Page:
Sunday, March 2, 2014

Sunday Final

Open eyeballs, close eyeballs.
Open eyeballs, close eyeballs.
Ah, them laziness drills.
Mostly closing eyeballs.
I'm getting very good.
I can close my eyeballs for a very long time.
Sort of like holding your breath but without the effort.
If you know what I mean.
So good am I at closing my eyeballs that I got started late this evening.
I went out and finished up a couple of rolls of film, mostly I was just out for the walk.
The weather had cleared some and it was nice and cool out.
Anyways, so Steve wants to get a light meter.
Lemme tell you what little I know about them.
First of all, you got your analog and digital:

Analog is mostly old school; I only know of one or two newer models that still use a dial.
My particular meter is/was made by Zeiss Ikon/Voigtlander.
I like it cause you spin the dial and when you get the right metering, it lights up:

Handy for shooting at night.
From there you can select what aperture you are using and look at the corresponding shutter speed.
It's an older meter that uses a CdS(cadmium sulphide) light thingy; newer models use an sbc (silicon blue cell) thingy.
Ancient meters have selenium cells that don't need batteries, but the cells tend to 'lose power' and go out of calibration.
Newer is better in this case as the sbc cell is able to take readings in lower light.
I think.
Anyways, the analog is nice if you unsure of what setting to use as it gives you a choice.
I know of only a couple of analog meters still being produced, but there are tons of older ones out there.
For my digital meter, you select either aperture or shutter priority and it tells you the other.
In other words, I select the aperture, it tells me the shutter.
Or I select the shutter and it tells me the aperture.

In this case, at ISO 50 (top right corner) and an aperture of f1.4, the shutter should be at 1/15 of a second.
Not an exact 1/15 as you can see on the bottom row the marker is between 1.4 and 2 so 1/15 of a second is a bit hot or slightly over exposed at f1.4.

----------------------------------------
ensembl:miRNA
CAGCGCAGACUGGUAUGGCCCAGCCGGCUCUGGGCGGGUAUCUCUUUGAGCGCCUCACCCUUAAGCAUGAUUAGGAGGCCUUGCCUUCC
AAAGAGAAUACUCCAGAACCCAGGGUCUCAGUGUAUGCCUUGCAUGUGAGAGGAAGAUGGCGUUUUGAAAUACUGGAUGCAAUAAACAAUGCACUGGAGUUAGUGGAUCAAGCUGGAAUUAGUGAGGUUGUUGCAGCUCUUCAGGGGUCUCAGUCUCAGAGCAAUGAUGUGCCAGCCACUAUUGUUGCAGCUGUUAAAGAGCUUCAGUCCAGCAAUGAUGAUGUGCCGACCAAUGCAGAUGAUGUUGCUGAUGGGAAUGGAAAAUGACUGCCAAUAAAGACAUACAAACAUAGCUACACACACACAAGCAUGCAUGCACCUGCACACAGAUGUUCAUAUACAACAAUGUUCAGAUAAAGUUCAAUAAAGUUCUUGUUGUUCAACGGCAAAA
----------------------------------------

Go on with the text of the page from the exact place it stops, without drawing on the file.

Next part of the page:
I should stop down a bit to maybe f1.8 but unfortunately the meter doesn't read in 1/2 or 1/3 stops.
Still with me?
Over exposed:

The meters in cameras meter reflected light.
Meaning it is metering the light being reflected back to the camera.
Most newer cameras can be set to center spot metering or wide metering, most older cameras meter 60/40 center weighted.
This is not accurate because it depends on what part of composition you are aiming at:

This is a little better, the whites are not that overblown.
Between the two pictures, the top was probably metered on the orange part of the cone or the ground causing the camera to think the scene was darker than it really is hence over exposing a bit.
Here's one more:

In this case the camera was probably metering the reflective part of the cone making the camera think the scene was brighter than it really is hence under exposing.
What light meters can do is a thing called incident metering, taking a reading of the light falling on a subject giving you, the photographer, a better idea of what kind of light is well, lighting up a scene.
Incident metering is I believe used mostly for studio work since you have time to go over to your subject and take some readings.
It is supposed to be more accurate compared to reflected metering since reflected metering is dependent on what is reflecting back the light.
When I shoot indoor sports, sometimes the exposure will change depending on what color the jerseys are.
Still with me?
The middle image is about right, though I prefer the last image since I tend to shoot a little under exposed.